Marikana miners to march

Miners are demanding state funding for their legal team at the Marikana Commission of Inquiry.

FILE: Lonmin miners. Picture: Christa Van der Walt/EWN

JOHANNESBURG - The survivors of the Marikana shooting will march to the Union Buildings in Pretoria today to demand state funding for their legal team at the Marikana Commission of Inquiry.

The hearings have resumed without Advocate Dali Mpofu who is representing the miners who were arrested and injured at last year's shooting at the commission.

He has withdrawn from the hearings while he tries to secure funds.

Mpofu has been attempting to secure state funding for several months saying it's unfair that police and other state parties have funding for private lawyers, while miners have to rely on representation from evidence leaders.

Bishop Jo Seoka, who is leading the march, says taxpayers' money is being spent on representing only one side of the story.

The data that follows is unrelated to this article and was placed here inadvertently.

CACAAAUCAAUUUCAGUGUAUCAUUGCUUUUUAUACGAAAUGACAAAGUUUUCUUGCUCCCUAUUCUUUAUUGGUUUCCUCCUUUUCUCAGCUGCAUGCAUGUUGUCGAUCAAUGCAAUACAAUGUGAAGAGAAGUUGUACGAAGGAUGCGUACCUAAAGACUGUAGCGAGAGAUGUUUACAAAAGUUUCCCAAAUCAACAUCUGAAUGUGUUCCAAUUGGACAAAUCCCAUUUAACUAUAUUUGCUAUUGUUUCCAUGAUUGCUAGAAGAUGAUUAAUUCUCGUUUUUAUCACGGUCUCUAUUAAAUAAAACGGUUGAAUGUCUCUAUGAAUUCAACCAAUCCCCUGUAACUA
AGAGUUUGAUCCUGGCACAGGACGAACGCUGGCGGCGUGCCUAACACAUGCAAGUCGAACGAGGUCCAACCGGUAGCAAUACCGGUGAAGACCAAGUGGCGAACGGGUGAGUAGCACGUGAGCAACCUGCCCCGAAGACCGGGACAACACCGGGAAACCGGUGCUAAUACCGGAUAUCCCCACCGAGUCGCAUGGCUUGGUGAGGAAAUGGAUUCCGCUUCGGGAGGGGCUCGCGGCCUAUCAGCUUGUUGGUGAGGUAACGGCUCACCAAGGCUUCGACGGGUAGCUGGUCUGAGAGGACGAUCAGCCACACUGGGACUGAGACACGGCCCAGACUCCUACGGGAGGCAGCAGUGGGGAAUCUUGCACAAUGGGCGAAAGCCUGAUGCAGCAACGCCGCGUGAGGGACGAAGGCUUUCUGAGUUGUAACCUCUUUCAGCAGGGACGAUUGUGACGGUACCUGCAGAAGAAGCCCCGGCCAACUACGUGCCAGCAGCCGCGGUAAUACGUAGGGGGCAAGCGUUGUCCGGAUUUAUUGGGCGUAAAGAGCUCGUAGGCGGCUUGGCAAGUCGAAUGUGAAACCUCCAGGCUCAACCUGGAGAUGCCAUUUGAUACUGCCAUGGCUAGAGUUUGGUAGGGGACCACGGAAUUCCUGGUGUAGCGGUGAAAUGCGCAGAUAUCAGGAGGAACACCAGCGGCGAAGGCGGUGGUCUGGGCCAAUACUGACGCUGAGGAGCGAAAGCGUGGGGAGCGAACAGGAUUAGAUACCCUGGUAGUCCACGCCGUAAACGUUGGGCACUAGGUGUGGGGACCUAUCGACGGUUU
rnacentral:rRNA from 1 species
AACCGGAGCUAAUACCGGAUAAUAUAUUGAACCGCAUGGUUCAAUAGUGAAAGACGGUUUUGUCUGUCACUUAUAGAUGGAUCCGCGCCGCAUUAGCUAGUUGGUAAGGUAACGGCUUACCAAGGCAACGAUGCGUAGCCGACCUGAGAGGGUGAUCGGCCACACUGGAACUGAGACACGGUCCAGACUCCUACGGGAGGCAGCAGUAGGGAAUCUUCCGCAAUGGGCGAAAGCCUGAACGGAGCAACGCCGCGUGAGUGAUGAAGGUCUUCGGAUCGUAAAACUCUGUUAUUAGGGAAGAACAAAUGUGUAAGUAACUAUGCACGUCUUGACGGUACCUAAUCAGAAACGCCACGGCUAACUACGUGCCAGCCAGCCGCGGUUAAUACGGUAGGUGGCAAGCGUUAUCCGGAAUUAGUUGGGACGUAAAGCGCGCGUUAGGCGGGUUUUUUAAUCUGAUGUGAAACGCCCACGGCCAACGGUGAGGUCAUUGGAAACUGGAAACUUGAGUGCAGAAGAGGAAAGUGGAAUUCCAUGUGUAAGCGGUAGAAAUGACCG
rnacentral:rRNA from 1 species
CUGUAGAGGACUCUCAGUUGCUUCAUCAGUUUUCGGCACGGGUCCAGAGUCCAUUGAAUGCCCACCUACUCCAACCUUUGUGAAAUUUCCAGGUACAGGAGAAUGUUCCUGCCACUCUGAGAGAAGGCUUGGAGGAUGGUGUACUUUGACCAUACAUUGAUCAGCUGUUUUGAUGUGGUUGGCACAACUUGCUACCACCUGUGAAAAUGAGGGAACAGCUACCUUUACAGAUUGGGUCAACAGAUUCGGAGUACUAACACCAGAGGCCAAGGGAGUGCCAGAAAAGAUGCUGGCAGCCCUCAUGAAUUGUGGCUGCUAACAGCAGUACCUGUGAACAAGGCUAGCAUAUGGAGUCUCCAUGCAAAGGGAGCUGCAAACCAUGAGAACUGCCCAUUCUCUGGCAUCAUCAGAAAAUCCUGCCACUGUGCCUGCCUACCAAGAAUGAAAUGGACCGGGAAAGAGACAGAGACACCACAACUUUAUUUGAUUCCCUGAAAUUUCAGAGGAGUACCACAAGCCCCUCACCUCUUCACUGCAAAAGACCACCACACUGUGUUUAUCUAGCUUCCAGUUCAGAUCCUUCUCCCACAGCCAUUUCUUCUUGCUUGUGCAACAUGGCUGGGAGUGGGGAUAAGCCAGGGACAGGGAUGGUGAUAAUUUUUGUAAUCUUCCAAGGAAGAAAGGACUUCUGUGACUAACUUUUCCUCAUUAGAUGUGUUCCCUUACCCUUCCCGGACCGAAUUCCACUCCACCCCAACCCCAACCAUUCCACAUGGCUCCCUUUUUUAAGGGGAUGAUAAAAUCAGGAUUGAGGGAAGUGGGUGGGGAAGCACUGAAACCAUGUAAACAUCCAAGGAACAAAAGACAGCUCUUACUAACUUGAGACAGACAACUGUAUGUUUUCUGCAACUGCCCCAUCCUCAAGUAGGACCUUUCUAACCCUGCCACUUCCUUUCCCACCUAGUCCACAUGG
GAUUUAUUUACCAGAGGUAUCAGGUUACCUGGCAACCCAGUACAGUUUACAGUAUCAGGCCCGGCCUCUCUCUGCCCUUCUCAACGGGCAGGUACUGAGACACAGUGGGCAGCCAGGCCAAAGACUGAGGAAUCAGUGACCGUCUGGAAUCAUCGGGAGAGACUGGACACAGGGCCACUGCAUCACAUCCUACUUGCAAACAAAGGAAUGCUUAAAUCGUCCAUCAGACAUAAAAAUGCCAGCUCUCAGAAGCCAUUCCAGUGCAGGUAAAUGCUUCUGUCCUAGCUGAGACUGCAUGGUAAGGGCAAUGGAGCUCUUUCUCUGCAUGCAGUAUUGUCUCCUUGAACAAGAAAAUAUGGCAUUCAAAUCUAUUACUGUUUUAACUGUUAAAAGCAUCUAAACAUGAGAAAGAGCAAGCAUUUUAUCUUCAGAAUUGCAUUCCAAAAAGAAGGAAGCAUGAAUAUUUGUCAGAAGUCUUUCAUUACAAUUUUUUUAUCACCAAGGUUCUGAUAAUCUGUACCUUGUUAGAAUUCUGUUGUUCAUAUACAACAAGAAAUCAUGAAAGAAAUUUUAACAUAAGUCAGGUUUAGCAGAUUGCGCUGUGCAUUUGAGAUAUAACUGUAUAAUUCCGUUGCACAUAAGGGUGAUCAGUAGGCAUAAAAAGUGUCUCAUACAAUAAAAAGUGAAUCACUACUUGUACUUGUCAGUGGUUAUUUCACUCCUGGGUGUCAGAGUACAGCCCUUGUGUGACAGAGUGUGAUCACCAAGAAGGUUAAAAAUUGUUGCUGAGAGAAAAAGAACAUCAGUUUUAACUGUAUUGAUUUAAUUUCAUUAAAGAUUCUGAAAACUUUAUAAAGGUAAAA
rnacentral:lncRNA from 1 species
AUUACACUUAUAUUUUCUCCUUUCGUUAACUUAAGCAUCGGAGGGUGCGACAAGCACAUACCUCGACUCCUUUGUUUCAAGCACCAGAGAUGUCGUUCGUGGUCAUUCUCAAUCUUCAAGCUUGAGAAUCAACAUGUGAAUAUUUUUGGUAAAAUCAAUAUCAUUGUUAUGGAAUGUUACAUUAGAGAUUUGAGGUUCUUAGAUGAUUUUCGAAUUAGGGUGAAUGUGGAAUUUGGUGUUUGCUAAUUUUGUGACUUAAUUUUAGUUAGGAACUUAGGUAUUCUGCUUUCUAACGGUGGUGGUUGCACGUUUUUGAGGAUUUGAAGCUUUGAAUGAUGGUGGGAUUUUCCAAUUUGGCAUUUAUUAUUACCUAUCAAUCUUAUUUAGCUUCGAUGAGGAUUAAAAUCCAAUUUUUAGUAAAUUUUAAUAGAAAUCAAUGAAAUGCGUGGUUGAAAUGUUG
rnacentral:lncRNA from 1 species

Seoka says this will affect the outcome of the commission.

"We are calling the nation to be present because this is all about their tax money. Taxes are being used for one particular party at the expense of the poor."

The Citizens for Marikana organisation's Erik de Ridder says the march will attempt to highlight the inequality of the commission should Mpoufu's team not secure funding.

"The victims, the miners and various other groups feel the imbalance of funding will lead to an imbalanced outcome of the commission. So they've temporarily withdrawn in the absence of funding to highlight that there is severe inequality."

Earlier this week, the inquiry dismissed an application by Mpofu to temporarily halt hearings while he tried to secure funding.

Judge Ian Farlam, who is heading the inquiry, said it wouldn't be unfair for the hearing to continue as witnesses can be recalled and daily transcripts can be studied while Mpofu heads to the high court again to appeal the matter.

Mpofu's application for state funding has already been dismissed by the Constitutional Court and high court.

The credibility of the commission has been questioned after several delays in the past year.

The inquiry was set up by President Jacob Zuma after 44 people, including police officers, were killed during illegal strike action at Marikana last year.

The miners were demanding better salaries.